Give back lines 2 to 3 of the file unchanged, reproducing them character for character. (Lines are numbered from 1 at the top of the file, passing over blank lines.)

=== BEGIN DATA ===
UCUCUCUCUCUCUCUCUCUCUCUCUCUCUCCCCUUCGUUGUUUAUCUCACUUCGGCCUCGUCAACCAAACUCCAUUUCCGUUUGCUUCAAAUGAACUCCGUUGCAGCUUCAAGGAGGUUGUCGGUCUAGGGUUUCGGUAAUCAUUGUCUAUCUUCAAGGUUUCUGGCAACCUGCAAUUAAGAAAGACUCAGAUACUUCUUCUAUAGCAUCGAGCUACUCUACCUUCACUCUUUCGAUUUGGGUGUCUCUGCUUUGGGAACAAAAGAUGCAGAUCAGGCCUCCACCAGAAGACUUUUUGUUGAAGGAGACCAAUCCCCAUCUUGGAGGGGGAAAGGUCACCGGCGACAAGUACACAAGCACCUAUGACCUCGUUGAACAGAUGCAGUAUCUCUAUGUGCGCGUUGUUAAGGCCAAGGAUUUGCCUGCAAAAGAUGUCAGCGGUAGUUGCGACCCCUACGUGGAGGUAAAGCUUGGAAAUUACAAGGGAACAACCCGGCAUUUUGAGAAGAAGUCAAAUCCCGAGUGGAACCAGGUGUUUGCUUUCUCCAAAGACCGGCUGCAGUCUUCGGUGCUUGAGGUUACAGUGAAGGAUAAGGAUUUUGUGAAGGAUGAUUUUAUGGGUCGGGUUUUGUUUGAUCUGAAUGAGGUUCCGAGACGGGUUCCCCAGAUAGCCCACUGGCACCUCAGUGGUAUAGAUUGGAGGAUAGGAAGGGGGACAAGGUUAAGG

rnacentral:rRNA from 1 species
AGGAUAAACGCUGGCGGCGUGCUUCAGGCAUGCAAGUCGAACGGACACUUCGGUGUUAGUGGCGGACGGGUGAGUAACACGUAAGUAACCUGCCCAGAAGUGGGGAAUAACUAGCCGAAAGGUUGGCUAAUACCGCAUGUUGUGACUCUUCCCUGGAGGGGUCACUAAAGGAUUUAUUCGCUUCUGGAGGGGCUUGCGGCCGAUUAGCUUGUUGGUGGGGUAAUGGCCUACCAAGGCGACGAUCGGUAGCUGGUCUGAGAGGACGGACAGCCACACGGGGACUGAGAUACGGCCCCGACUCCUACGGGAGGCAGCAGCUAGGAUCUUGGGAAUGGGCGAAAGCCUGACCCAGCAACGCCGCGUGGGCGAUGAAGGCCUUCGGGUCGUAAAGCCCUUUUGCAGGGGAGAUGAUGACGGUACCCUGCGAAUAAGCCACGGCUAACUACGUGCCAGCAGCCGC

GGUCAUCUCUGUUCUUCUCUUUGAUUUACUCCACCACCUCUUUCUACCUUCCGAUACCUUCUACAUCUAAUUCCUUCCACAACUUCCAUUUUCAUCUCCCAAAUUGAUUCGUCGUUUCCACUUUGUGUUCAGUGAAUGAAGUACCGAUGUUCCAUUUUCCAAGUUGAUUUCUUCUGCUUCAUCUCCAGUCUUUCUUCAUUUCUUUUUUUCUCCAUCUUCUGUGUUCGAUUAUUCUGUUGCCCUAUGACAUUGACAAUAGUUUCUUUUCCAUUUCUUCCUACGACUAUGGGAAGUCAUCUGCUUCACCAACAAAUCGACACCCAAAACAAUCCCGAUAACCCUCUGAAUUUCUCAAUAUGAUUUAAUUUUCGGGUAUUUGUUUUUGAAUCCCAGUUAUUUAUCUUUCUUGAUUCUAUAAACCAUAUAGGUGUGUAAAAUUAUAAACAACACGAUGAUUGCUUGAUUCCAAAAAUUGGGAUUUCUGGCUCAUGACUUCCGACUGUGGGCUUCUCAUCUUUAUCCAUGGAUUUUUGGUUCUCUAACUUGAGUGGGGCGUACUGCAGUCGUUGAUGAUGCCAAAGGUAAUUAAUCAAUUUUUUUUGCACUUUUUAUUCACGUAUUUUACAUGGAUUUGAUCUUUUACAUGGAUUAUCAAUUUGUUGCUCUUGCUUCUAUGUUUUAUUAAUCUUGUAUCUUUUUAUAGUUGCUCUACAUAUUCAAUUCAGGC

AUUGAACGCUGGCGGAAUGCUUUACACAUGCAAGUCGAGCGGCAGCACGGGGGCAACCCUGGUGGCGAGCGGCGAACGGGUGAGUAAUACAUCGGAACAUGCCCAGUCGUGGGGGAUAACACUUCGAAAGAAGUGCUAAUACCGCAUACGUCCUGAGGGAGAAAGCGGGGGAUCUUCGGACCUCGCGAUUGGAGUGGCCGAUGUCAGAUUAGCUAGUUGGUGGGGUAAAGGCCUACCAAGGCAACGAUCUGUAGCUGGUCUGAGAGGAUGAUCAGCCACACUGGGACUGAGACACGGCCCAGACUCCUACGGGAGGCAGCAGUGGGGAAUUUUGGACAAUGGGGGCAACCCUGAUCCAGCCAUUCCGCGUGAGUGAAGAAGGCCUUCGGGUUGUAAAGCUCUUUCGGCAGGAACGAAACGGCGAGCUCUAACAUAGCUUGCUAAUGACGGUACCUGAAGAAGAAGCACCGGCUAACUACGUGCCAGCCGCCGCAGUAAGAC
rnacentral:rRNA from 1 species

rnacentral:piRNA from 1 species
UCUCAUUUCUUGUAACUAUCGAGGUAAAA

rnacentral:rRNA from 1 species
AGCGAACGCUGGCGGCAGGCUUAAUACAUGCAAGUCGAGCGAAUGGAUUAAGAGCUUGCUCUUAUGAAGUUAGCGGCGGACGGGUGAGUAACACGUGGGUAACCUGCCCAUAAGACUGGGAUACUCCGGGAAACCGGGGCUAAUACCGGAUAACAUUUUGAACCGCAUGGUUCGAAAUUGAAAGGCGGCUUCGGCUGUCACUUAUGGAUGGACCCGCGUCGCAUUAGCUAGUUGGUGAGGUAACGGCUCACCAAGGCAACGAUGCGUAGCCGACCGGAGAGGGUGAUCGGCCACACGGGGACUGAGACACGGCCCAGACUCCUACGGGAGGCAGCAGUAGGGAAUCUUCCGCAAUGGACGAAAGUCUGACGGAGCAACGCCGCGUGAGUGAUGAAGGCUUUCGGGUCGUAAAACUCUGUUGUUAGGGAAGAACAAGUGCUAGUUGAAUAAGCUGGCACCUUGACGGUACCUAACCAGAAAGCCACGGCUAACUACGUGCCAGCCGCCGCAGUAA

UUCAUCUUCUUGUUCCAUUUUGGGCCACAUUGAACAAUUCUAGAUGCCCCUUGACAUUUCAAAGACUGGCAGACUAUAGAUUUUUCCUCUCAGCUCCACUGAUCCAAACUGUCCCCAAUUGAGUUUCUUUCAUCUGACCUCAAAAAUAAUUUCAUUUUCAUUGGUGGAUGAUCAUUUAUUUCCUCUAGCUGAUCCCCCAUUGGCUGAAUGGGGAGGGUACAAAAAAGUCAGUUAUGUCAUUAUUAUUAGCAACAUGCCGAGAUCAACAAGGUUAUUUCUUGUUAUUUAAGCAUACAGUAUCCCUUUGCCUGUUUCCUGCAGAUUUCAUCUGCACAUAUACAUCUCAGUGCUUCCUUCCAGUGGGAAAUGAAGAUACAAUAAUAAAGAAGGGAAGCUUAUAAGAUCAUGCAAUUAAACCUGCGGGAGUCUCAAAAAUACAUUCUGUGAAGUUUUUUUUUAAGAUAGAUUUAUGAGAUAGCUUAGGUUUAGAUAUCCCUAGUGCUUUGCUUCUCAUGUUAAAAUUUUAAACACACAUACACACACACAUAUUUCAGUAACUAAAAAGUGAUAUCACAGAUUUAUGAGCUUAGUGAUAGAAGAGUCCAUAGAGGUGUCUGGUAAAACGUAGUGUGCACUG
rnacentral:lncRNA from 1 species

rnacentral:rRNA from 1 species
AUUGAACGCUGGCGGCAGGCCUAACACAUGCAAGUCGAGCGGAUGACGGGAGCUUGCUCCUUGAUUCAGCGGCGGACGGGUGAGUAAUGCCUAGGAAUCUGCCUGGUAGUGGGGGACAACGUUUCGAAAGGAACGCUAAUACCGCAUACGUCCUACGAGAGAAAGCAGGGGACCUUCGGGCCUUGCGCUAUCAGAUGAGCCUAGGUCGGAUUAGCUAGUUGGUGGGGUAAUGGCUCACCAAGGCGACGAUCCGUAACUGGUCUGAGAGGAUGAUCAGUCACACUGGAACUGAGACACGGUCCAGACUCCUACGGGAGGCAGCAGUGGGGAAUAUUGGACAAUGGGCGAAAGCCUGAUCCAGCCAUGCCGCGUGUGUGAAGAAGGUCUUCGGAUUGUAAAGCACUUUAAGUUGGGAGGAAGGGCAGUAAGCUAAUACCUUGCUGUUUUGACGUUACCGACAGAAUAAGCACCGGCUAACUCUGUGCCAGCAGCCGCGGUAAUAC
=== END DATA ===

rnacentral:rRNA from 1 species
AGGAUAAACGCUGGCGGCGUGCUUCAGGCAUGCAAGUCGAACGGACACUUCGGUGUUAGUGGCGGACGGGUGAGUAACACGUAAGUAACCUGCCCAGAAGUGGGGAAUAACUAGCCGAAAGGUUGGCUAAUACCGCAUGUUGUGACUCUUCCCUGGAGGGGUCACUAAAGGAUUUAUUCGCUUCUGGAGGGGCUUGCGGCCGAUUAGCUUGUUGGUGGGGUAAUGGCCUACCAAGGCGACGAUCGGUAGCUGGUCUGAGAGGACGGACAGCCACACGGGGACUGAGAUACGGCCCCGACUCCUACGGGAGGCAGCAGCUAGGAUCUUGGGAAUGGGCGAAAGCCUGACCCAGCAACGCCGCGUGGGCGAUGAAGGCCUUCGGGUCGUAAAGCCCUUUUGCAGGGGAGAUGAUGACGGUACCCUGCGAAUAAGCCACGGCUAACUACGUGCCAGCAGCCGC